Family trips and racing

The people of Greenland enjoy dog sledding, too, so they also go on trips for the fun of it with the family on Sundays, for example. Every spring, races are held in many categories: professional (fishermen/hunters), amateurs (recreational drivers), women, children, etc., much to the enjoyment of all those watching.

 

Want to try dog sledding?

A trip to Greenland in winter offers every opportunity to go dog sledding. You sit on the sled, either alone or with another, while the sled driver sits at the front of the sled. If you have a bad back, choose a shorter trip over flat terrain, but otherwise most people can cope with longer dog sled trips. Warm clothing is a must. We recommend that you rent sealskin clothing and warm boots when you get there, even for short trips. Bring your own warm mittens, socks, inner layers and a warm hat.

The Northern Lights (AURORA BOREALIS)

The Northern Lights are one of the great surprises of the polar darkness, and part of Greenland’s identity. The phenomenon causes even Greenlanders to pause and head outside on a clear night to enjoy the night sky.

 

Spirits playing football

The play of colours of the Northern Lights has always fed people’s imagination, including the Inuit. Legend has it that when the Northern Lights are dancing around in the sky, it is the spirits playing football with a walrus skull. Other people believe that those born during the Northern Lights will be blessed with particular intelligence.

However, the scientific explanation is somewhat less dramatic. It was the Italian scientist Galileo Galilei (1564–1642), who came up with the term “Aurora Borealis”, which is best translated as the “northern dawn”.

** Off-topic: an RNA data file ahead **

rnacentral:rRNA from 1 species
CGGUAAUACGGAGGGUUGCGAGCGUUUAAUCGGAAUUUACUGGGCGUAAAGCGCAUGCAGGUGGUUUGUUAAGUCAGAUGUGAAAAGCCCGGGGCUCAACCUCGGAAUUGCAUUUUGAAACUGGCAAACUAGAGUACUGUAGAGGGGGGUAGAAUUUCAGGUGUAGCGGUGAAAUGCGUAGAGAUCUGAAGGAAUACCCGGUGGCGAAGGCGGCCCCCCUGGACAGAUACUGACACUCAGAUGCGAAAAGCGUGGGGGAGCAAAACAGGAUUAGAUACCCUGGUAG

The Northern lights – an amazing show of light

The Northern Lights can be experienced in most parts of Greenland. It is best viewed on a clear, dark nights sky. You can experience it from September until early April. The undulating, mythical and magical Northern Lights will surprise and amaze you, and Greenland is the perfect place to experience the phenomenon. Out in the middle of nature, where the mountains and the snow are lit up by the green and red light show. Greenland is one of the best places in the world to experience the Northern Lights. There is very little artificial light and the skies are often clear, creating the best conditions for seeing the Northern Lights.

 

Greenland welcomes you with the Northern Lights

You do not have to travel to the northernmost, remote areas of Greenland to see the magical Northern Lights. Arriving at Kangerlussuaq, the “gateway” to Greenland, you stand a good chance of being welcomed by the “flickering green curtains” on a winter evening.